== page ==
Keeping it real. The phrase has been a Hip-Hop cliché for decades, but very few people actually know what it means. Keeping it real, in its essence, simply means being true to oneself. Visionaries lyricist LMNO knows all about keeping it real, but in a very interesting context, he’s down to both keep it real and keep it positive. “I feel you can bring something that’s positive and it’ll have a more long term effect as long as it’s honest,” he explains “don’t bring that gun music if you don’t own a gun, or you only own a gun because you’re scared. If you own a gun and rap about it you’re letting everyone know and it’s going to come back to you. We for the most part get the positive response because what we talk about is positive and those who have the negative response don’t come up to us, they’re just like ‘funk that.'”

The responses LMNO has been getting to his most recent work, “P’s and Q’s,” has been, as he predicted, mostly positive. He notes that the album is a bit different from previous work, saying “I felt that I stepped out of what would be perceived as my religion versus my relationship with my religion. As some have a relationship with their gun or their money I have a relationship with the Most High, which is why you hear it so frequently on my projects. It’s what I know and what I strive to reach more of.” That relationship with God that is so prevalent in his work is what has some people applauding and some scratching their heads. According to LMNO the cause of the head scratching is that “I’m not pro church or pro religion I’m pro truth and that’s what I strive to learn more about.” Sometimes hard core religious zealots have a hard time wrapping their mind around that concept.

While the search for truth is a noble path, it’s not necessarily one that sells records. LMNO notes “obviously if I was seeking to go platinum I would look at my reaction as failed, but I can walk in the streets anywhere in the world and just have respect because I’m not out there causing anything but positive energy but with that comes with negative energy.” There’s good news about that negative energy, however, as the Visionaries MC points out “even if someone has conflict with what I say or what I’m saying and we’re cordial enough to talk about it that’s good.” LMNO continued, adding “I cause controversy even within the church. Within religion they’re not teaching us to have that personal relationship so therefore you stay religi-fied so you keep contributing financially so when you’re not on your work schedule you’re on the religion schedule.”

The controversy he was causing in the church was matched by the controversy he was causing in the streets. Bear in mind this isn’t controversy in a 50 Cent, Suge Knight, kind of way, but controversy in a more conversational kind of way. LMNO explains “it seemed like it was a battle of zealousness, like ‘how come in your raps you’re not speaking about (religion) as much?’ And on the other side I have people who are aware of God but want to hear more raps about things that are governmental, or battlish. Either you’re not doing enough or you’re doing too much. We’re in the middle with this and I’m starting the see people who are in the middle on both sides of the fence. Once I stopped denouncing both sides it was easier to be in the middle.”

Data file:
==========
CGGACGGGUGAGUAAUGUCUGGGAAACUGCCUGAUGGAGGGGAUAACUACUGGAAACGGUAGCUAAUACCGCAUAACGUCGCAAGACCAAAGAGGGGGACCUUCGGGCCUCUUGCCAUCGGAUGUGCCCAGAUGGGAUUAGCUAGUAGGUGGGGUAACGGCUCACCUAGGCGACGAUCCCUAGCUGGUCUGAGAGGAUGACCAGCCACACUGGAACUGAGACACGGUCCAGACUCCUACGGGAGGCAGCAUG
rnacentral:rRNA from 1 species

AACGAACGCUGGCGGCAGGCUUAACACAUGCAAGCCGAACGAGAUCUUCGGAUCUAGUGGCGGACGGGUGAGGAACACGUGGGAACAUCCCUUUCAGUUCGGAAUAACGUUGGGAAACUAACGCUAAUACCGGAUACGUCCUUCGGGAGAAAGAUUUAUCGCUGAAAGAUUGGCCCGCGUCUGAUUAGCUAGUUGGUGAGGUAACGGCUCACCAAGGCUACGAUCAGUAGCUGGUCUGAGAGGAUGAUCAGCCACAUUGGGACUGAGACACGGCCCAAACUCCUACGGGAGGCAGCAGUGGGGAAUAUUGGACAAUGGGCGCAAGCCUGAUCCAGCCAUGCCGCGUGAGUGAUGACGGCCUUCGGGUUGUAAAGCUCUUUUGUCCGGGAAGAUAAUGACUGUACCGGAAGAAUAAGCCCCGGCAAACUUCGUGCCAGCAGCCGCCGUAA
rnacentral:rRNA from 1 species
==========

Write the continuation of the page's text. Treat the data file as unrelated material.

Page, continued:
The middle. Riding the fence. It can be a precarious position, but it’s one LMNO feels he’s grown into. He remembers back in the day “if you were on a soapbox I was down to knock you off by any means necessary, but now I’m able to approach it on the same level. We’re just speaking about something that’s relative to each other here and now. I get more irritated by the overzealous Christians who approach me almost like gang bangers like ‘you still down with Christ?’ It’s great to see gang bangers convert but you can’t keep the same mannerisms. During a Visionaries show we had a mosh pit during ‘If You Can’t Love.’ Not that a mosh pit is negative but certainly the women weren’t appreciating it.” He continued, expounding on the vision he has for his shows. “A funeral is positive in the extent that it brings people together but we don’t want to bring people together on a funeral level but on a wedding level, something uplifting, with substance, not just an E party.”

When it comes to “P’s and Q’s” his goals are fairly simple. “I just hope it takes me to the next level of growth,” he explains “and whoever’s rollin with me let’s go and whoever isn’t we’ll be here until it’s not time to be here. There’s a lot of wind in our sails and we got a good ship goin. We just hope the motion gets stronger and stronger.” He continued, adding “as you grow up and want to live more life the more life I want to live the less destruction I want to cause in my life, so whoever else identifies with that I definitely want to be a spokesman for them.”

Now that’s a goal that’s a lot nicer than just getting some rims that spin.